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26 May 2011 Nitrocellulose-based SERS immunosensor for detection of biological molecules
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We have developed a simple and potentially a low-cost method for the sensitive detection of target proteins via surface-enhanced Raman scattering (SERS). The immunosensor constructed by the conjugation of monoclonal antibodies to 20 nm diameter gold nanoparticles via the bifunctional Raman reporter molecule, 5, 5'dithiobis (succinimidyl-2-nitrobenzoate) (DSNB) is the basis of a membrane-bound detection system. Traditionally, a common laboratory technique called a dot blot, which is a colorimetric method where detection of proteins is accomplished through the application of assorted dyes followed by their measurement via a densitometer. Dot blotting is a convenient and time saving method that involves the spotting of a protein onto an immobilizing matrix, such as nitrocellulose (NC) or polyvinylidene fluoride (PVDF) membrane. We found that for detection via SERS spectroscopy NC is the matrix of choice because it offers low background, minimal preparation prior to protein application, and optimal position of Raman bands. Furthermore, SERS detection of protein on NC requires only minimal sample preparation and demonstrates increased sensitivity when compared to other dot blot detection methods. Depending on the dye used for visualization, dot blots analyzed by commonly used optical methods have limits of detection in the nanogram range, some as low as 20 pg/ml. Here we demonstrate the use of the dot blot method for detecting target proteins (e.g., protein A and prostate specific protein (PSA)) by SERS spectroscopy down to a concentration of 100 fg/ml.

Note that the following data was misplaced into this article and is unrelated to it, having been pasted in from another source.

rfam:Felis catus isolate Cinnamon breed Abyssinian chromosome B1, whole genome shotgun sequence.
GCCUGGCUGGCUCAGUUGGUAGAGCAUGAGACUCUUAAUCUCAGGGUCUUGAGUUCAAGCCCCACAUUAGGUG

© (2011) COPYRIGHT Society of Photo-Optical Instrumentation Engineers (SPIE). Downloading of the abstract is permitted for personal use only.
A. C. Dykes, L. Kamemoto, A. K. Misra, and S. K. Sharma "Nitrocellulose-based SERS immunosensor for detection of biological molecules", Proc. SPIE 8025, Smart Biomedical and Physiological Sensor Technology VIII, 802503 (26 May 2011);

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